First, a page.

A bill on the Consent Calendar is not debatable, except that the Senate pro Tem or the Speaker of the Assembly shall allow a reasonable time for questions from the floor and shall permit a proponent of the bill to answer the questions.
Immediately prior to voting on the first bill on the Consent Calendar, the Senate pro Tem or the Assembly Speaker shall call to the attention of the Members the fact that the next rollcall will be the rollcall on the first bill on the Consent Calendar. The Consent Calendar shall be considered as the last order of business on the Daily File.
On the Assembly Floor, standing committees are responsible for recommending whether or not an uncontested bill should be placed on the Assembly Consent Calendar. If a bill is placed on consent, it will be eligible for adoption on the second legislative day of its placement on the Consent Calendar.
Prior to adoption, any Member may remove a bill from consent. Once a bill is removed, it will be placed at the end of the Third Reading File for the next legislative day and cannot return to the Consent Calendar. A bill must be removed from the Consent Calendar in order to be amended on the Assembly Floor, pursuant to Joint Rules 22.1, 22.2 and 22.3.
On the Senate Floor, there are two calendars: Consent Calendar and Special Consent Calendar. According to Senate staff, “these processes are essentially automatic and do not required any action on the part of the bill’s author.” This is because bills reach the Consent Calendar by set procedures. However, bills are taken off at the behest of any Member.
A measure is placed on the Consent Calendar when the committee (policy or fiscal) reports the measure to the Senate Floor with the recommendation that the bill be placed on consent. After the measure has received its Second Reading (which occurs the next day after the committee’s recommendation), the bill is placed on the “First Legislative Day” consent calendar. At that point, the bill is not eligible for a floor vote. Instead, pursuant to Joint Rule 22.2, the measure becomes eligible when it is on the “Second Legislative Day” consent calendar.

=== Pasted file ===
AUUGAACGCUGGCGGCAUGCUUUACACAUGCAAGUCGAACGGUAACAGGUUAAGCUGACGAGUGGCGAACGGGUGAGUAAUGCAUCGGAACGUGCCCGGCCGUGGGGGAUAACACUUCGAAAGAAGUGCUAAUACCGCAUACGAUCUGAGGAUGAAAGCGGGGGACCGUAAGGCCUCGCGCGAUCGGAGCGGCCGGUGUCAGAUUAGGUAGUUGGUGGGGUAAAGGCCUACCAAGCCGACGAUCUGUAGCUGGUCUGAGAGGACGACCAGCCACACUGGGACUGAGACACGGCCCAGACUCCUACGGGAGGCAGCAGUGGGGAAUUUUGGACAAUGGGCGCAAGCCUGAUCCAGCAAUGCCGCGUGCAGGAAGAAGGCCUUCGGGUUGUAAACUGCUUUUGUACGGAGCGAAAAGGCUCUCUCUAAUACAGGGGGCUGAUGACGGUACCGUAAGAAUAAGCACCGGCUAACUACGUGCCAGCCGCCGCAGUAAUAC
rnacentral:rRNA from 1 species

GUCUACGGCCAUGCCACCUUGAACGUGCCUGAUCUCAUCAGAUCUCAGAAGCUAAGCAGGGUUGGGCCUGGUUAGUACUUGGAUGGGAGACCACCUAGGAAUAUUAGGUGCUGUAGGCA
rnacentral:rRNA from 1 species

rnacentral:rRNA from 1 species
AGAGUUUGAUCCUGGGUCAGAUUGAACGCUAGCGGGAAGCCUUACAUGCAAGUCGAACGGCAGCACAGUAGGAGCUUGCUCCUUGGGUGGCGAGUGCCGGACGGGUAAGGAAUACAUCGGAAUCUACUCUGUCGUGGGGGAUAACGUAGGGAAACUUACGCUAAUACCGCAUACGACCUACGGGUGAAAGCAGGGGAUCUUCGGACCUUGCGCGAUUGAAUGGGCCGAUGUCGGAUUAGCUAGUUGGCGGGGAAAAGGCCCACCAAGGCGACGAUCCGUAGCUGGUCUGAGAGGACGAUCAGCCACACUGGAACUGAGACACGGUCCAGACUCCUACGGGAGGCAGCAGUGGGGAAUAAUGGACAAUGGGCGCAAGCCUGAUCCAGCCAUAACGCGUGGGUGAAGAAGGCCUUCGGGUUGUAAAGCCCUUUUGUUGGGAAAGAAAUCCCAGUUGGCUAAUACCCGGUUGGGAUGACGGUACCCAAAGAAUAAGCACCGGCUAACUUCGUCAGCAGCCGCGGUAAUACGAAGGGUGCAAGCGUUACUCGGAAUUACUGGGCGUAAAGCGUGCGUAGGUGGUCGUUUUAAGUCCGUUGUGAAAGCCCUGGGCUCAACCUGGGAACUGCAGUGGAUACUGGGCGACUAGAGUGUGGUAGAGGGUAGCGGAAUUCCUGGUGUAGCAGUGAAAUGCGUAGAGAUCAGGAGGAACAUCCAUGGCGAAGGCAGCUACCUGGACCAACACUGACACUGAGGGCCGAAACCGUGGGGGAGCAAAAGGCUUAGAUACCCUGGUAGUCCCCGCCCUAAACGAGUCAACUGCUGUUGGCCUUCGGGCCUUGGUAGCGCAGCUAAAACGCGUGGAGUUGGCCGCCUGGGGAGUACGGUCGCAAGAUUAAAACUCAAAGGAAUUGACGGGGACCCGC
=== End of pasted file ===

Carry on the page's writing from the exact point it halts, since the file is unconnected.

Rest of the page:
A measure is placed on the Special Consent Calendar by the Senate Desk staff. The staff compiles this list for measures that do not have any “no” votes in committee and no more than three “no” votes on the Assembly Floor. This list is then sent to all policy and fiscal committees and the Democratic and Republican Caucuses for review for a day. Upon completion of this review, the remaining measures on placed on the “special consent calendar” and are eligible for a Senate Floor vote thereafter.
In terms of removing bills from consent, the rule is the same for both houses. Pursuant to Joint Rule 22.2, “any Consent Calendar bill that is amended from the floor shall cease to be a Consent Calendar bill and shall be returned to the third reading file. Upon objection of any member to the placement or retention of any bill on the Consent Calendar, the bill shall cease to be a Consent Calendar bill and shall be returned to the third reading file.”
A bill that is on the Consent Calendar is beneficial because the bill’s author can be relieved of presenting the measure and it can be moved quickly and easily through the legislative process. It is important to be aware of the different rules between the Assembly and Senate.
Chris Micheli is an attorney and registered lobbyist with the Sacramento governmental relations firm of Aprea & Micheli, Inc. He serves as an Adjunct Professor at McGeorge School of Law.